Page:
Nearly a third of children with ADHD also have a math learning disability. These conditions and other comorbidities, when present in the same patient, are never separate and distinct. Their symptoms impact and complicate one another in ways that educators and clinicians must take into account when designing effective remediation strategies.
At math conferences, I am often the only one talking about learning disabilities. And at learning disabilities conferences, when I present my talk “What’s math got to do with it? Math learning disabilities, dyslexia, and ADHD,” I’m often the only one talking about math. There is a near-void of information about the connections and interactions between ADHD, language-based disorders, and math learning disabilities — and the implications for treatment. Yet data tell us this is a critical need.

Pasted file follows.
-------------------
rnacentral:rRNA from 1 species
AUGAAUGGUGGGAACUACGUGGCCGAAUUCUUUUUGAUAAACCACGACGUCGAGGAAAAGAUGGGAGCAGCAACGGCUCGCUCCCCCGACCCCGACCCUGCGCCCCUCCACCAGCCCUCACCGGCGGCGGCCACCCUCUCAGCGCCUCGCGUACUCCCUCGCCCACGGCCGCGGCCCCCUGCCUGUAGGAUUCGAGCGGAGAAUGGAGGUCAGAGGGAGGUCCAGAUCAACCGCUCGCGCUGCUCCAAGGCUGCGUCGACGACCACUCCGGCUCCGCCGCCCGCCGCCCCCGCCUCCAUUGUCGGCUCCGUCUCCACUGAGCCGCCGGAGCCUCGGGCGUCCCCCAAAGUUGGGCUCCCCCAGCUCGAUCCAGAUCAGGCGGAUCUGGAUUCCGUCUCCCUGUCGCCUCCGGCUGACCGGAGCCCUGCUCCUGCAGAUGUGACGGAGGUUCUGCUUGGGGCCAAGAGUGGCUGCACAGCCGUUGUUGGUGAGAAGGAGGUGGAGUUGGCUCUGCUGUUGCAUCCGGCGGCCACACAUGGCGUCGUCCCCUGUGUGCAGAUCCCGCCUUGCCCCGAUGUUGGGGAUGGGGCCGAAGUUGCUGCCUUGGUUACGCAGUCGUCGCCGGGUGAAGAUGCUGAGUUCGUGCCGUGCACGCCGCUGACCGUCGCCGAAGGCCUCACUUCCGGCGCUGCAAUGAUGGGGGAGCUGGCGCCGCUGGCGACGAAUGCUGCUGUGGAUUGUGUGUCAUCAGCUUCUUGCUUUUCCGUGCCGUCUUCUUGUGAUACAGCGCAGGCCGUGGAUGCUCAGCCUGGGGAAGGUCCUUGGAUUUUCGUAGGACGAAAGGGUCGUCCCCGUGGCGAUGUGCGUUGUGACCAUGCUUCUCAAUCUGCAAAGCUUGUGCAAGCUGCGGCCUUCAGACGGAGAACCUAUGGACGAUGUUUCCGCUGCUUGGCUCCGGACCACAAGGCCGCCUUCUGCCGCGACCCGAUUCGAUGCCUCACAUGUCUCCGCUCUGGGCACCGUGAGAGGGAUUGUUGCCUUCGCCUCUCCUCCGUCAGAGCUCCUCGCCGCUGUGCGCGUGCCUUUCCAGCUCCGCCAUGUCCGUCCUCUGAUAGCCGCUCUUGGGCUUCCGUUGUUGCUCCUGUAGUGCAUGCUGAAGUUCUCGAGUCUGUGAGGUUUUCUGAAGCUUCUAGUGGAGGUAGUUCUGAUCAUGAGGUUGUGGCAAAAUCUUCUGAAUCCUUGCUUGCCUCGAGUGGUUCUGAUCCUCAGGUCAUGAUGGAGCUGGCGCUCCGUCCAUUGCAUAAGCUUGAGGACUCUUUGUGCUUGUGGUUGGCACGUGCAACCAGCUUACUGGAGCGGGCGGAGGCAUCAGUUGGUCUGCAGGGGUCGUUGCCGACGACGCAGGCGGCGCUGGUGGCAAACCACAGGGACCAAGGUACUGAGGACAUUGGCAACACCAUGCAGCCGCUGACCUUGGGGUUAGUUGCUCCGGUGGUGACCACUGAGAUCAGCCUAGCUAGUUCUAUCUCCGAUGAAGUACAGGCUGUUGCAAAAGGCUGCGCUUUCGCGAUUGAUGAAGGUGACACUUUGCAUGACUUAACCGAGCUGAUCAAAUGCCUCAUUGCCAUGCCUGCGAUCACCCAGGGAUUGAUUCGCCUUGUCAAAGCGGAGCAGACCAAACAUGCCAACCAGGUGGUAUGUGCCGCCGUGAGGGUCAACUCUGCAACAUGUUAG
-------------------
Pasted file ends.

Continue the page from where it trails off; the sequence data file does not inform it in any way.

Roughly 35% of the population experiences math difficulties of some kind, and 6.4% have dyscalculia, or math learning disabilities (MLD). Children with a family history of math difficulties are 10 times more likely than the general population to have trouble with math themselves. This makes MLD as prevalent as dyslexia or attention deficit hyperactivity disorder (ADHD or ADD) — yet it often gets overshadowed in classrooms, IEPs, and clinics. READ FULL ARTICLE HERE